The U.S.’ War on Democracy

Interview with John Pilger
John Pilger interviewed by
Pablo Navarrete

May 02, 2007

John Pilger is an award-winning journalist, author and documentary filmmaker, who began his career in 1958 in his homeland, Australia, before moving to London in the 1960s. He has been a foreign correspondent and a front-line war reporter, beginning with the Vietnam War in 1967. He is an impassioned critic of foreign military and economic adventures by Western governments.

“It is too easy,” Pilger says, “for Western journalists to see humanity in terms of its usefulness to ‘our’ interests and to follow government agendas that ordain good and bad tyrants, worthy and unworthy victims and present ‘our’ policies as always benign when the opposite is usually true. It’s the journalist’s job, first of all, to look in the mirror of his own society.”

Pilger also believes a journalist ought to be a guardian of the public memory and often quotes Milan Kundera: “The struggle of people against power is the struggle of memory against forgetting.”

In a career that has produced more than 55 television documentaries, Pilger’s first major film for the cinema, The War on Democracy, will be released in the United Kingdom on May 11, 2007. Pilger spent several weeks filming in Venezuela and The War on Democracy contains an exclusive interview with Venezuelan President Hugo Chavez.

PN: Could you begin by telling us what your new film ‘The War on Democracy’ is about?

JP: I happened to watch George Bush’s second inauguration address in which he pledged to “bring democracy to the world.” He mentioned the words “democracy” and “liberty” twenty one times. It was a very important speech because, unlike the purple prose of previous presidents (Ronald Reagan excluded), he left no doubt that he was stripping noble concepts like “democracy” and “liberty” of their true meaning – government, for, by and of the people.

I wanted to make a film that illuminated this disguised truth — that the United States has long waged a war on democracy behind a facade of propaganda designed to contort the intellect and morality of Americans and the rest of us. For many of your readers, this is known. However, for others in the West, the propaganda that has masked Washington’s ambitions has been entrenched, with its roots in the incessant celebration of World War Two, the “good war”, then “victory” in the cold war. For these people, the “goodness” of US power represents “us”. Thanks to Bush and his cabal, and to Blair, the scales have fallen from millions of eyes. I would like “The War on Democracy” to contribute something to this awakening.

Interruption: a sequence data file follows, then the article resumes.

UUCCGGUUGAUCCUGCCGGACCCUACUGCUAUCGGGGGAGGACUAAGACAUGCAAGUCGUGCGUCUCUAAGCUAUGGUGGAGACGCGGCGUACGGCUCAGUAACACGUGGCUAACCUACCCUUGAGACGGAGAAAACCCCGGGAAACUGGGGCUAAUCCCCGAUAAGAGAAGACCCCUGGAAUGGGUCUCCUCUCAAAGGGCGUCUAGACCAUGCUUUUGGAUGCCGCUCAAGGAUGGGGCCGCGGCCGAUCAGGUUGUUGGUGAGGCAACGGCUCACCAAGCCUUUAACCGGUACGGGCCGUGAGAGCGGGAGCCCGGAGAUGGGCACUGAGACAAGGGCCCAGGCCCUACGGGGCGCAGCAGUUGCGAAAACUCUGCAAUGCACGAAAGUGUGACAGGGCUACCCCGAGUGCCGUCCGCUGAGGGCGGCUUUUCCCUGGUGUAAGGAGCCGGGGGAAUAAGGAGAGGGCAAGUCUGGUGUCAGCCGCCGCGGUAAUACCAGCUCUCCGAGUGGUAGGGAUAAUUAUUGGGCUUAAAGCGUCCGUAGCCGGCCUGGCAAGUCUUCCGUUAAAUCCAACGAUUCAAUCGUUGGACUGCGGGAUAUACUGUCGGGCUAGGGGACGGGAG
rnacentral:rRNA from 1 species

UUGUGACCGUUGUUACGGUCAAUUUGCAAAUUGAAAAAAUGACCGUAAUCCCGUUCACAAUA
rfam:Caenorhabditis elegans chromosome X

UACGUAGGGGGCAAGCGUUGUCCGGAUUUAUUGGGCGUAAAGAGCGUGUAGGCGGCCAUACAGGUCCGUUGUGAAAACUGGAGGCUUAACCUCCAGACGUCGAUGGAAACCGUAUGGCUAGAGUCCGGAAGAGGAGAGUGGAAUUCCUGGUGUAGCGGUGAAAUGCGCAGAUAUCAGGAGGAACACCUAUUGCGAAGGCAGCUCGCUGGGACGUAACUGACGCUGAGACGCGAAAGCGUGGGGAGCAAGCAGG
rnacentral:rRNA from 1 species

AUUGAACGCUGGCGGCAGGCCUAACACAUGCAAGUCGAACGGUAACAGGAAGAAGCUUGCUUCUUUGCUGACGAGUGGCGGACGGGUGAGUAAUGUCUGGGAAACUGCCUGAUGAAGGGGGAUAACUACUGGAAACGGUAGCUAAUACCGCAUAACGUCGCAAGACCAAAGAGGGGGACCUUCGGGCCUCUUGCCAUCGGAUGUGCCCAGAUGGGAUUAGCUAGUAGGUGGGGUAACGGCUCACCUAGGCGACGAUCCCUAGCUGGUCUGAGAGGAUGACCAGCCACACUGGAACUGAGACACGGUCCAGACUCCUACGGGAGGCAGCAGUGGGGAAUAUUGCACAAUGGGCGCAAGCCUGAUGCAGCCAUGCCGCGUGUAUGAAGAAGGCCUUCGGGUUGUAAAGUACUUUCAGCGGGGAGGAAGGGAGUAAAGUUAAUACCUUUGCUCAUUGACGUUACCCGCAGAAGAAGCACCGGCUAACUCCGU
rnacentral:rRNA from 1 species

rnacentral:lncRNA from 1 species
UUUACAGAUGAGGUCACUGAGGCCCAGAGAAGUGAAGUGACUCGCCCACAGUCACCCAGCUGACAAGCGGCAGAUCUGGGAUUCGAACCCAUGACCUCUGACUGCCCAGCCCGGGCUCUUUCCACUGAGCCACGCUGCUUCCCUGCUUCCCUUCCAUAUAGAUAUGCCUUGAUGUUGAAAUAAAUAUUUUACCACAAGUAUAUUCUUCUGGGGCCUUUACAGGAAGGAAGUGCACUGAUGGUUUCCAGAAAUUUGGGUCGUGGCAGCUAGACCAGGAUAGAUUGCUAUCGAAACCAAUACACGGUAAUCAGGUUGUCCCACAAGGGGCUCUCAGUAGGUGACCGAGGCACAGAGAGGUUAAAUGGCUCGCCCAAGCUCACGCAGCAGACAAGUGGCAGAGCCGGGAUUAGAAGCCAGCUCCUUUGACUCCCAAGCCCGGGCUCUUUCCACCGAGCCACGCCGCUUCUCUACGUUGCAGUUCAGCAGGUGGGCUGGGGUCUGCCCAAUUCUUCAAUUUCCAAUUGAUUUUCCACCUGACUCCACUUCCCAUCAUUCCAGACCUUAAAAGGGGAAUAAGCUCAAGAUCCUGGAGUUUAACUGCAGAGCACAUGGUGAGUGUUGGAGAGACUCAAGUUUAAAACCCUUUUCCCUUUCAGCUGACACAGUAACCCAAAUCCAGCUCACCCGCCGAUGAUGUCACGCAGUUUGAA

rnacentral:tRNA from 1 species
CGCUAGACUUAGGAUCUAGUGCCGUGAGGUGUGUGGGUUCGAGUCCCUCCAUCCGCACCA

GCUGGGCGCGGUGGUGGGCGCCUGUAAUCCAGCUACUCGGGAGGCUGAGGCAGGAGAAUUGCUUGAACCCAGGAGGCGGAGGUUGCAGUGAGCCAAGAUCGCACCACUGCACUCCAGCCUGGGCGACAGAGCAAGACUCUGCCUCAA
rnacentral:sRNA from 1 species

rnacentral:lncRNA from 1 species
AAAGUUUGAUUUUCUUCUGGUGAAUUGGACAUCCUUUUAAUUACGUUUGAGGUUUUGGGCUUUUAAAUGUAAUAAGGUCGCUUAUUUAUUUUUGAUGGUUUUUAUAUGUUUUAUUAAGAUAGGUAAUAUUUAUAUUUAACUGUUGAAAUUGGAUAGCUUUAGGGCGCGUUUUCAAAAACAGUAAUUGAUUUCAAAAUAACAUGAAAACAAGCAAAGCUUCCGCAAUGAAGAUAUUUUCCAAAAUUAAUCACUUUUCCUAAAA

The film is about the power of empire and of people. It was shot in Venezuela, Bolivia, Chile, and the United States and is set also in Guatemala and Nicaragua. It tells the story of “America’s backyard,” the dismissive term given to all of Latin America. It traces the struggle of indigenous people first against the Spanish, then against European immigrants who reinforced the old elite. Our filming was concentrated in the barrios where the continent’s “invisible people” live in hillside shanties that defy gravity. It tells, above all, a very positive story: that of the rise of popular social movements that have brought to power governments promising to stand up to those who control national wealth and to the imperial master. Venezuela has taken the lead, and a highlight of the film is a rare face-to-face interview with President Hugo Chavez whose own developing political consciousness, and sense of history (and good humour), are evident. The film investigates the 2002 coup d’etat against Chavez and casts it in a contemporary context. It also describes the differences between Venezuela and Cuba, and the shift in economic and political power since Chavez was first elected. In Bolivia, the recent, tumultuous past is told through quite remarkable testimony from ordinary people, including those who fought against the piracy of their resources. In Chile, the film looks behind the mask of this apparently modern, prosperous “model” democracy and finds powerful, active ghosts. In the United States, the testimony of those who ran the “backyard” echo those who run that other backyard, Iraq; sometimes they are the same people. Chris Martin (my fellow director) and I believe “The War on Democracy” is well timed. We hope people will see it as another way of seeing the world: as a metaphor for understanding a wider war on democracy and the universal struggle of ordinary people, from Venezuela to Vietnam, Palestine to Guatemala. read more

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